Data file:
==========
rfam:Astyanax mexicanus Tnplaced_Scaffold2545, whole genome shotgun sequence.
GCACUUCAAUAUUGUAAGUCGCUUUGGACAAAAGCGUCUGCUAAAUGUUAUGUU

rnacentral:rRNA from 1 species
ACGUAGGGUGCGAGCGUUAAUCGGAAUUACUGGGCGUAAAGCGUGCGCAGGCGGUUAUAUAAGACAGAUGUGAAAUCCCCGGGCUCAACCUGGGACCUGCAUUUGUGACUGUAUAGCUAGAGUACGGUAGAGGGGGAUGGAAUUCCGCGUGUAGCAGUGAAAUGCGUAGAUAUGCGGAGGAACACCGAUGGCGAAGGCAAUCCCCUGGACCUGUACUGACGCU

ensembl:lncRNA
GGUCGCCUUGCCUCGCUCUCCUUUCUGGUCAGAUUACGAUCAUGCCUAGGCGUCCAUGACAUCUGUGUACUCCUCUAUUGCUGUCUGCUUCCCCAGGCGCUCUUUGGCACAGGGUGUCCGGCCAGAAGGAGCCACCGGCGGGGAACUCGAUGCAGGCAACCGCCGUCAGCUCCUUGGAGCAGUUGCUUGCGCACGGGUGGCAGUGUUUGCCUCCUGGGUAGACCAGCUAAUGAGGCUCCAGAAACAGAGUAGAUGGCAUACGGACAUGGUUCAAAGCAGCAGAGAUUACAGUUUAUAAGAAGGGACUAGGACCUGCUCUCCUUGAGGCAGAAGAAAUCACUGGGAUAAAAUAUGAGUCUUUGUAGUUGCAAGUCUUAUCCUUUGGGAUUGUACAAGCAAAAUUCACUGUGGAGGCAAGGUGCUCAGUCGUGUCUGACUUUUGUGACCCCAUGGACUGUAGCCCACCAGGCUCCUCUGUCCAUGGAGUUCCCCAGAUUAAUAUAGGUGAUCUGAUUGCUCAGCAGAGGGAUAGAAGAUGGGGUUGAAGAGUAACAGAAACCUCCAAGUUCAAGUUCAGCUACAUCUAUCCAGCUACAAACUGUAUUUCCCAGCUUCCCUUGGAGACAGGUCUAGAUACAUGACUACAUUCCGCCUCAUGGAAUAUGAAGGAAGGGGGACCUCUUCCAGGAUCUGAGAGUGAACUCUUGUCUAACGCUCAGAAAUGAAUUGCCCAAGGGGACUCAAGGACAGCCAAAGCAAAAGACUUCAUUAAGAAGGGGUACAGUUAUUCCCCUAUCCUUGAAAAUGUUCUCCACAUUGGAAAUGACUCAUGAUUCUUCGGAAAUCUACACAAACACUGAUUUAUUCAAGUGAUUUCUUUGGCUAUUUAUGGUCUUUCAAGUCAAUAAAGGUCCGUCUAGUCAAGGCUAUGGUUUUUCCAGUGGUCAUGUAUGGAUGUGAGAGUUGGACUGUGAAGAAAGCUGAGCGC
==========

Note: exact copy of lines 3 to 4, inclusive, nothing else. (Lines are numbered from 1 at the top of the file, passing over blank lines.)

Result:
rnacentral:rRNA from 1 species
ACGUAGGGUGCGAGCGUUAAUCGGAAUUACUGGGCGUAAAGCGUGCGCAGGCGGUUAUAUAAGACAGAUGUGAAAUCCCCGGGCUCAACCUGGGACCUGCAUUUGUGACUGUAUAGCUAGAGUACGGUAGAGGGGGAUGGAAUUCCGCGUGUAGCAGUGAAAUGCGUAGAUAUGCGGAGGAACACCGAUGGCGAAGGCAAUCCCCUGGACCUGUACUGACGCU